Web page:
Heartland is pitching Mobuyle only to its own customers, so it dodges some complications—Mobuyle just has to mimic a Heartland PIN pad. But plenty of so-far-unresolved mobile-payment issues still come into play. If a retailer enters a card number manually, could it be captured by malware before it's encrypted? What if an OS update breaks the security? Will retailers even have the legal right to send that type of data from their phones? How well Heartland deals with such questions could determine whether it will end up in the headlines all over again.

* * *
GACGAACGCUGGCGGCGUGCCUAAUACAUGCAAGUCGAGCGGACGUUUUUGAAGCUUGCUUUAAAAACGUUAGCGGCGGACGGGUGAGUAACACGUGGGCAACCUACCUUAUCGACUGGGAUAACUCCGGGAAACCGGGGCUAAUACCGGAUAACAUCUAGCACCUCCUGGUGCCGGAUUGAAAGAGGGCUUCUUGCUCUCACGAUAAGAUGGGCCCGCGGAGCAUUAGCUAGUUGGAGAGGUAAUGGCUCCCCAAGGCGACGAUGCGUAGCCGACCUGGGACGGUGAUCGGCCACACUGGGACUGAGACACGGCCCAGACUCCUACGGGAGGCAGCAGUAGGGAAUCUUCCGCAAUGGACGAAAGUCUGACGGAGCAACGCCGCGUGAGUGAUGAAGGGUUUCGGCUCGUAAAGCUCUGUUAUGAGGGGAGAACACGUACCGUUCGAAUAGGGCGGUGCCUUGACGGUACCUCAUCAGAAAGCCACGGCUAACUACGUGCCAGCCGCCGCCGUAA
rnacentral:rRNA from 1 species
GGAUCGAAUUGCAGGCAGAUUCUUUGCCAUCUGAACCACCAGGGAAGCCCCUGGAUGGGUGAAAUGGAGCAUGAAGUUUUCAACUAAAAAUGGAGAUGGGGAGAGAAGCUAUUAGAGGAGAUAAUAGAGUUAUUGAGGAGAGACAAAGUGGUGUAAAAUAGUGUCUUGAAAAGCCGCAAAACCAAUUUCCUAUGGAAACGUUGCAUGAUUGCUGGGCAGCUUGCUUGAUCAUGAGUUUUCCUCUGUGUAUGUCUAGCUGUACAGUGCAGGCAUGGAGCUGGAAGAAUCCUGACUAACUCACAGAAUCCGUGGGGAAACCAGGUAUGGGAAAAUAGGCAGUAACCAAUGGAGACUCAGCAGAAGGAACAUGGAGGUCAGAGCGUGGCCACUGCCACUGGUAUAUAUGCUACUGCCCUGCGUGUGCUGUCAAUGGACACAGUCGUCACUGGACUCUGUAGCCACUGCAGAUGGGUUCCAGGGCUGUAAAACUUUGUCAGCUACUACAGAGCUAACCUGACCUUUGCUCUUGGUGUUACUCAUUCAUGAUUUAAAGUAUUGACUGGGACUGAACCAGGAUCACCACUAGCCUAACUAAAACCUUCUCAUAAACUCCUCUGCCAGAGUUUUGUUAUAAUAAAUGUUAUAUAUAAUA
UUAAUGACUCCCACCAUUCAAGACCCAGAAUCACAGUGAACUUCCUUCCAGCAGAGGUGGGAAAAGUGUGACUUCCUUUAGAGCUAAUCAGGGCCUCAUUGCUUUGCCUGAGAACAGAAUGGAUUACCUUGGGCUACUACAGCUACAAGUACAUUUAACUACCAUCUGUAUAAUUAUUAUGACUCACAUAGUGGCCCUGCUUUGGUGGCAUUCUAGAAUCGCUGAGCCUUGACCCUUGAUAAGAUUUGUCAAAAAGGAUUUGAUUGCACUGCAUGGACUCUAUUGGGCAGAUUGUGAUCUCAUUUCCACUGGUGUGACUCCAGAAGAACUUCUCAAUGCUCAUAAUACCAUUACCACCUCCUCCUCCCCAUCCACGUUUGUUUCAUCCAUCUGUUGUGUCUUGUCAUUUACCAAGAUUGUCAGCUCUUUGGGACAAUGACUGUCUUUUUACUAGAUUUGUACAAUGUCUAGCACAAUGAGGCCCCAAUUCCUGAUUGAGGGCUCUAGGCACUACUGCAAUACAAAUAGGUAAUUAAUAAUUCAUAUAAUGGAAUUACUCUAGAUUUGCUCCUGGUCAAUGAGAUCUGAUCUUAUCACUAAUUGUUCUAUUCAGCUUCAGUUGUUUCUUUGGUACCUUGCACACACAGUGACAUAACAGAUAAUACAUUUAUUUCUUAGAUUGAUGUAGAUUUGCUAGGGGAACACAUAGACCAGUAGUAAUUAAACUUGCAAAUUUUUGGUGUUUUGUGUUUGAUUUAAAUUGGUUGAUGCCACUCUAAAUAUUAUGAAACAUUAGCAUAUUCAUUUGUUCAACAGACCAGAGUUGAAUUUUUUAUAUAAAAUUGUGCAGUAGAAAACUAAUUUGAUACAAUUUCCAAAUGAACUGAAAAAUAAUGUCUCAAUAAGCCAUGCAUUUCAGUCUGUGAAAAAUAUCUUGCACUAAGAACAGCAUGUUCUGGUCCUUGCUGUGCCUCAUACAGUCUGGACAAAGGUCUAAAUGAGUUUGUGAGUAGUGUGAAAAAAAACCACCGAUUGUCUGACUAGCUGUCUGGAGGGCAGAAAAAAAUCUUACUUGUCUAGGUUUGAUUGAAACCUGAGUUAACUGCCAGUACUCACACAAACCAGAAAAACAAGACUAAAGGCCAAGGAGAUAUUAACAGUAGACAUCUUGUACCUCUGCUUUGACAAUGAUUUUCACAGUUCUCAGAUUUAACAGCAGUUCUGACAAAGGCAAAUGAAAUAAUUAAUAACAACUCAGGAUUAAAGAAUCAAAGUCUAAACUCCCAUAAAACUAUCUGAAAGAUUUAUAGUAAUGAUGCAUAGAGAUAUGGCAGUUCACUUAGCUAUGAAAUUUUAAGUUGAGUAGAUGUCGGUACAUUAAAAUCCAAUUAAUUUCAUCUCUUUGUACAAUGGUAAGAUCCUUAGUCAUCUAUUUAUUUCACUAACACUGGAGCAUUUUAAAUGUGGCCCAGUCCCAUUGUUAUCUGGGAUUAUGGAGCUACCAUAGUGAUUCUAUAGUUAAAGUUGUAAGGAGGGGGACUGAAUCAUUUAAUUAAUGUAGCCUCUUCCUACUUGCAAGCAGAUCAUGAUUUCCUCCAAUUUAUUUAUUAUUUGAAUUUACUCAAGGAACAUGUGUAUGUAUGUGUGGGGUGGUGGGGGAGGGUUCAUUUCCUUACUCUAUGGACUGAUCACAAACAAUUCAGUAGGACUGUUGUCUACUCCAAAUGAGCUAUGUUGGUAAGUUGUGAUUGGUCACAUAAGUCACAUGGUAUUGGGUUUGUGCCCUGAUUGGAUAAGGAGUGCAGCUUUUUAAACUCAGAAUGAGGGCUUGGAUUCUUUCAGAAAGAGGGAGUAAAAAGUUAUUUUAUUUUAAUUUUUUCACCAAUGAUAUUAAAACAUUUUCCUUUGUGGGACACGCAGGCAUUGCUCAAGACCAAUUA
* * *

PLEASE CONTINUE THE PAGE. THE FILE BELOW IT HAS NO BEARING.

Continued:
Heartland Jumps Into Mobile Payments—And New Security Problems
If you thought only phone makers, payment-card brands, mobile carriers or startups believe they can do mobile payments—well, add card processors to that list. On Tuesday (Aug. 9), Heartland Payment Systems announced Mobuyle, its own app and $75 hardware plug-in for Android phones to let its merchant customers take card payments via mobile. Like Square, the plug-in card swiper attaches to the phone's audio port; unlike Square, the Heartland hardware encrypts the card data before it's sent to the phone. (Heartland has been big on end-to-end encryption ever since its headline-making $129 million data breach in 2008.)